Regardless of the type of parallel development that occurs, a process needs to be in place to analyze differences between two modules and incorporates the changes of both versions into one combined version (i.e., retrofit changes). A source management system can be used to maintain a permanent record of the lines of code that came from a particular version. The tools that are used to identify the changes in a module cannot be dependent on comparing changes based on line numbers since a deletion or addition of a line from one of the two modules being compared will disrupt the compare process and erroneously identify changes that never occurred. In addition, the compare function must be able to compare modules that have variable record lengths that exceed 80 character formats (e.g., control cards).

The software management system provides the automated control which restricts the use of a specific module to one programmer at a time. This is accomplished through a checkout process in which the software management system tracks the status of source modules that are currently being worked on. In addition, the programmer that checked out the source module is required to return (i.e., checkin) the source module to the source controlling library before another programmer can use it. When a software management system is used for this purpose, the individual programmer that checks out the code does not require any access to the source controlling library since the access is granted to the software management system.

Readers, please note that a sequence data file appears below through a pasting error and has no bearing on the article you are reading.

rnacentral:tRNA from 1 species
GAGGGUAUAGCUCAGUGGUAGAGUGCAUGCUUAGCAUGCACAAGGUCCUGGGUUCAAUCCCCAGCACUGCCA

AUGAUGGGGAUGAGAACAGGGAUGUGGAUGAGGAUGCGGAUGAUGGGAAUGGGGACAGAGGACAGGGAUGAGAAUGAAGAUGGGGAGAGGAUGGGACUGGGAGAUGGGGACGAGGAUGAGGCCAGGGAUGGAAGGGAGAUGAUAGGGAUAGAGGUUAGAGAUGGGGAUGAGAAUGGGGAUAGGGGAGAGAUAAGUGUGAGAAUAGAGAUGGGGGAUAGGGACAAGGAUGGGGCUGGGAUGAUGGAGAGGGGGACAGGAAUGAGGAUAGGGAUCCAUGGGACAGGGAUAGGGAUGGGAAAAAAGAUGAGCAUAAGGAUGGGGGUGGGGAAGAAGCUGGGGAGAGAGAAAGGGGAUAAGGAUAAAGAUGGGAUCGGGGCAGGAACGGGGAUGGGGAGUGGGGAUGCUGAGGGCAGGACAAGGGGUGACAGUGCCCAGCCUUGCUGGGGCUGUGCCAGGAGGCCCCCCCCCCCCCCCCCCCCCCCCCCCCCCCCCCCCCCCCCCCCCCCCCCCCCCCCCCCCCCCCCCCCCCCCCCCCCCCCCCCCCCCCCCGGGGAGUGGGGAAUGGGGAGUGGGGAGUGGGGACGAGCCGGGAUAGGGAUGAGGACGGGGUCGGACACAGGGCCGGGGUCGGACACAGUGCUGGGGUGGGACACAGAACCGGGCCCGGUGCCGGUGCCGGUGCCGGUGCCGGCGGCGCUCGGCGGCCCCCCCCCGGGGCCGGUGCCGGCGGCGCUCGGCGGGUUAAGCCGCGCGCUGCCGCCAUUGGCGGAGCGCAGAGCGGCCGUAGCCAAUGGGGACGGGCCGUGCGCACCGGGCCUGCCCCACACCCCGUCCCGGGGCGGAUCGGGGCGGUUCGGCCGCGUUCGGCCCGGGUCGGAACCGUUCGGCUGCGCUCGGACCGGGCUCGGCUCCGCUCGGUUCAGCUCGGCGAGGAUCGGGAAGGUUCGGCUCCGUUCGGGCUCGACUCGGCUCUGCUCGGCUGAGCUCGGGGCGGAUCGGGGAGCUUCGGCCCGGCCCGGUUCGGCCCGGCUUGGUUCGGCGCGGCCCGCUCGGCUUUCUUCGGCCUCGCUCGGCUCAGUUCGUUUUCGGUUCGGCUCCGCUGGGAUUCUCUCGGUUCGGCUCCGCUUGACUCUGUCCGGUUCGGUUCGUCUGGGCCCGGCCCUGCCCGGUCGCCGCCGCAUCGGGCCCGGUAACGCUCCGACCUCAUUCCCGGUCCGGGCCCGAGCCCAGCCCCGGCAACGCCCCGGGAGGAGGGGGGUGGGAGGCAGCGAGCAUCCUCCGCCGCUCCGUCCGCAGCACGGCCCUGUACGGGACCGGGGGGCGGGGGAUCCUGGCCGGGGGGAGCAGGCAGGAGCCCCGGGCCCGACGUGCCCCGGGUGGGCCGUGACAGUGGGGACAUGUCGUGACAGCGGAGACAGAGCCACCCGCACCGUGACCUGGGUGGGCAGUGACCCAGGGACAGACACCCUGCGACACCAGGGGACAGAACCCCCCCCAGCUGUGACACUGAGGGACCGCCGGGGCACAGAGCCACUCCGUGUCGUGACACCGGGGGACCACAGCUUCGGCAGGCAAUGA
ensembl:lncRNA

A manual process, which is less efficient, requires a module assignment log which tracks the programmer currently using a particular source module. The programmer's development libraries should be periodically checked to verify that they only have a copy of the source module that they have been assigned.

Many installations feel that these source management controls are too restrictive which would result in slower development and inconvenience to programmers who need to view modules for reference purposes. A compromise could consist of allowing all programmers to make copies of source modules while tracking the programmer assigned to the current production version, and only allowing that programmer to return the module for promotion to production.

Another component of source management is the deletion of obsolete modules. When the source module is returned to the source holding library, the module that resides in the programmers library should be automatically deleted to prevent its accidental use in the future. However, this control can easily circumvented by renaming the module or copying the module to another library which is not be monitored by the source management system. Many source management systems attach identifiers to the modules under its control to negate this weakness.